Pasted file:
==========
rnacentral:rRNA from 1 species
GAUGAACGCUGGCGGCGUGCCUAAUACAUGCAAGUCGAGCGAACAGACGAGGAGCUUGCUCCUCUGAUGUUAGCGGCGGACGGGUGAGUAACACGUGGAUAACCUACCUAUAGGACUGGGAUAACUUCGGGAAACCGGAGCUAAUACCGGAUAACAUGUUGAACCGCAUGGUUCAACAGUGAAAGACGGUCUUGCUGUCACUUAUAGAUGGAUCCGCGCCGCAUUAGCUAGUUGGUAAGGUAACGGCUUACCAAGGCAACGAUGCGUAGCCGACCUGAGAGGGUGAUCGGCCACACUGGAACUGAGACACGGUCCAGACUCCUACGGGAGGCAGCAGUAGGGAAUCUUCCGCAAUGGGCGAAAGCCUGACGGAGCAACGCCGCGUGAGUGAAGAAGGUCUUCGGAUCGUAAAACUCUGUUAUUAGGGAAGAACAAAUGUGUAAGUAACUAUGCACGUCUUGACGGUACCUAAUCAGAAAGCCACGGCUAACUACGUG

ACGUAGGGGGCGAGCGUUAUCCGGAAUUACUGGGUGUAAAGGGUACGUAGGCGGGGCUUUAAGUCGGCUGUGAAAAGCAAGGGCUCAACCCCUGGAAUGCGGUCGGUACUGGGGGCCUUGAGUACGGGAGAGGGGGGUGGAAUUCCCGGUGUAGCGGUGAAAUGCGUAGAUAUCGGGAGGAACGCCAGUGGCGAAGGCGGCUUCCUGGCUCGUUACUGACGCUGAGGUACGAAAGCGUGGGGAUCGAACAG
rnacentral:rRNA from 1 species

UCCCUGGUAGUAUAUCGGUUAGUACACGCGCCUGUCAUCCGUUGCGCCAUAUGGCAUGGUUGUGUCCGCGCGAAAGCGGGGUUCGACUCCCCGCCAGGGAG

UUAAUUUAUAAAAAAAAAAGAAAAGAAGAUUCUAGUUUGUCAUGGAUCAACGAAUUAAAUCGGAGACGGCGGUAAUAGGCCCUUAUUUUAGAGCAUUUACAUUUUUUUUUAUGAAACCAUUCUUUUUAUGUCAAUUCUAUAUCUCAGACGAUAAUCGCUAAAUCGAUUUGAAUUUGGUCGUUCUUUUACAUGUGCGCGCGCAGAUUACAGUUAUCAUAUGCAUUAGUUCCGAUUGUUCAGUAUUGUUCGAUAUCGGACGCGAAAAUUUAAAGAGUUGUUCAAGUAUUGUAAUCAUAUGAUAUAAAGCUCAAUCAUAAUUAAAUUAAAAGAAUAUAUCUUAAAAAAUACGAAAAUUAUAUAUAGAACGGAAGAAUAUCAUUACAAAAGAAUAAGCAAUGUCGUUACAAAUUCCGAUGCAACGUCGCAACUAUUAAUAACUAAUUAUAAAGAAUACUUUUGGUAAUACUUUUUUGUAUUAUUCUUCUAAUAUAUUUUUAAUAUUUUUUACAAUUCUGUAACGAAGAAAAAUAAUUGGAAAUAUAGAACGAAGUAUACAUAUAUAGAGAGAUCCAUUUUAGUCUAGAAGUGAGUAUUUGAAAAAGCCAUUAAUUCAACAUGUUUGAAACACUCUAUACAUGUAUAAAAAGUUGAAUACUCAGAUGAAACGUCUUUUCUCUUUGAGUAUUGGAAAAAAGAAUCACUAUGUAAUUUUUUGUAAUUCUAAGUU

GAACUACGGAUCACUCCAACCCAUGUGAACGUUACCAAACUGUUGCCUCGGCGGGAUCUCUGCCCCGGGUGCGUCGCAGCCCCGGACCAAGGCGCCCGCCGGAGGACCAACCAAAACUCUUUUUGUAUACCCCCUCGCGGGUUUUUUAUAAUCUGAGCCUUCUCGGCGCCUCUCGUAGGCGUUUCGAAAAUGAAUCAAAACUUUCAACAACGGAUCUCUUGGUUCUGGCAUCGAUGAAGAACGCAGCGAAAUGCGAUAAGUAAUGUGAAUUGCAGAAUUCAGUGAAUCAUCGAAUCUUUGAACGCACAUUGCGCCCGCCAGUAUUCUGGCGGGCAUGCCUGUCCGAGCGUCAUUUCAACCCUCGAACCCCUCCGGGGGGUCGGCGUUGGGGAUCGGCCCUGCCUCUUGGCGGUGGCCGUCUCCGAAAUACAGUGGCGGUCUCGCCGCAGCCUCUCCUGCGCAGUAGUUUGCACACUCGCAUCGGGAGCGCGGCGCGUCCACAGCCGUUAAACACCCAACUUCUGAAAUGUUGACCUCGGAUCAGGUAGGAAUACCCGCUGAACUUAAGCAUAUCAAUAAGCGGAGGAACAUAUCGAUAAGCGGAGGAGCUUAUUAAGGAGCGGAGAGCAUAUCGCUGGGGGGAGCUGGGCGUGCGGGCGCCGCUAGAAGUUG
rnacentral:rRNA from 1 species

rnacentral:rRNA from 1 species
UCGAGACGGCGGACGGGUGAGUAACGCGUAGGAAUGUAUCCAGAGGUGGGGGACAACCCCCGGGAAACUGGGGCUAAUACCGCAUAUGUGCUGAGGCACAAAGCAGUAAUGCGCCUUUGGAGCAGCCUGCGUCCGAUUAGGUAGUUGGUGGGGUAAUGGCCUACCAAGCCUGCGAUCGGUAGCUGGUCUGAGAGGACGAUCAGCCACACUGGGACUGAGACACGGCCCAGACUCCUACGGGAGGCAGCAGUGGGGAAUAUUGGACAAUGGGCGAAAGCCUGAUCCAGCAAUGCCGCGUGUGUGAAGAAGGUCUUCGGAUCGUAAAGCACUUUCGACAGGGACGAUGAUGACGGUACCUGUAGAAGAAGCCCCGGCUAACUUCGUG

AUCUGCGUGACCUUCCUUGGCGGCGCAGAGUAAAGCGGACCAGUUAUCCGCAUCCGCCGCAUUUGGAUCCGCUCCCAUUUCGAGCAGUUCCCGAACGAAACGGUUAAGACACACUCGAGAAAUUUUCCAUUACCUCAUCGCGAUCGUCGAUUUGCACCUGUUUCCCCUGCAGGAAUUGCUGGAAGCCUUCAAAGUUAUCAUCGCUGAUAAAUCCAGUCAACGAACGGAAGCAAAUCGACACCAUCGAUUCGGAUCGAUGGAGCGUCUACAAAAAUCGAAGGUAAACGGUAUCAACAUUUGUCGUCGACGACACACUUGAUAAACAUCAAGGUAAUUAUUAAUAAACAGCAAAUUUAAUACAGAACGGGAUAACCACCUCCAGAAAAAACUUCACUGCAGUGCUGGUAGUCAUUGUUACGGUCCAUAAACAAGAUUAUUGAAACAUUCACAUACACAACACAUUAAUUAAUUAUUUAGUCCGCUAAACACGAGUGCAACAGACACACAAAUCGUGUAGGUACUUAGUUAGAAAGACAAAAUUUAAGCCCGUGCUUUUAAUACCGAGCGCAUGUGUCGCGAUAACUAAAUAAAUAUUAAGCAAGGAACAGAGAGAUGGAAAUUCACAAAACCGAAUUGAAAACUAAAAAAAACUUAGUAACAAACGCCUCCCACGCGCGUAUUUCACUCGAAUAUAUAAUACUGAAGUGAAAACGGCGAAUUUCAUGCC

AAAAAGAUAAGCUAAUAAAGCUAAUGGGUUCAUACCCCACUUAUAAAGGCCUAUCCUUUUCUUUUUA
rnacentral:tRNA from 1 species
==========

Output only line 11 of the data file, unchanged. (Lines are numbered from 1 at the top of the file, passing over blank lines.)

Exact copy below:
AUCUGCGUGACCUUCCUUGGCGGCGCAGAGUAAAGCGGACCAGUUAUCCGCAUCCGCCGCAUUUGGAUCCGCUCCCAUUUCGAGCAGUUCCCGAACGAAACGGUUAAGACACACUCGAGAAAUUUUCCAUUACCUCAUCGCGAUCGUCGAUUUGCACCUGUUUCCCCUGCAGGAAUUGCUGGAAGCCUUCAAAGUUAUCAUCGCUGAUAAAUCCAGUCAACGAACGGAAGCAAAUCGACACCAUCGAUUCGGAUCGAUGGAGCGUCUACAAAAAUCGAAGGUAAACGGUAUCAACAUUUGUCGUCGACGACACACUUGAUAAACAUCAAGGUAAUUAUUAAUAAACAGCAAAUUUAAUACAGAACGGGAUAACCACCUCCAGAAAAAACUUCACUGCAGUGCUGGUAGUCAUUGUUACGGUCCAUAAACAAGAUUAUUGAAACAUUCACAUACACAACACAUUAAUUAAUUAUUUAGUCCGCUAAACACGAGUGCAACAGACACACAAAUCGUGUAGGUACUUAGUUAGAAAGACAAAAUUUAAGCCCGUGCUUUUAAUACCGAGCGCAUGUGUCGCGAUAACUAAAUAAAUAUUAAGCAAGGAACAGAGAGAUGGAAAUUCACAAAACCGAAUUGAAAACUAAAAAAAACUUAGUAACAAACGCCUCCCACGCGCGUAUUUCACUCGAAUAUAUAAUACUGAAGUGAAAACGGCGAAUUUCAUGCC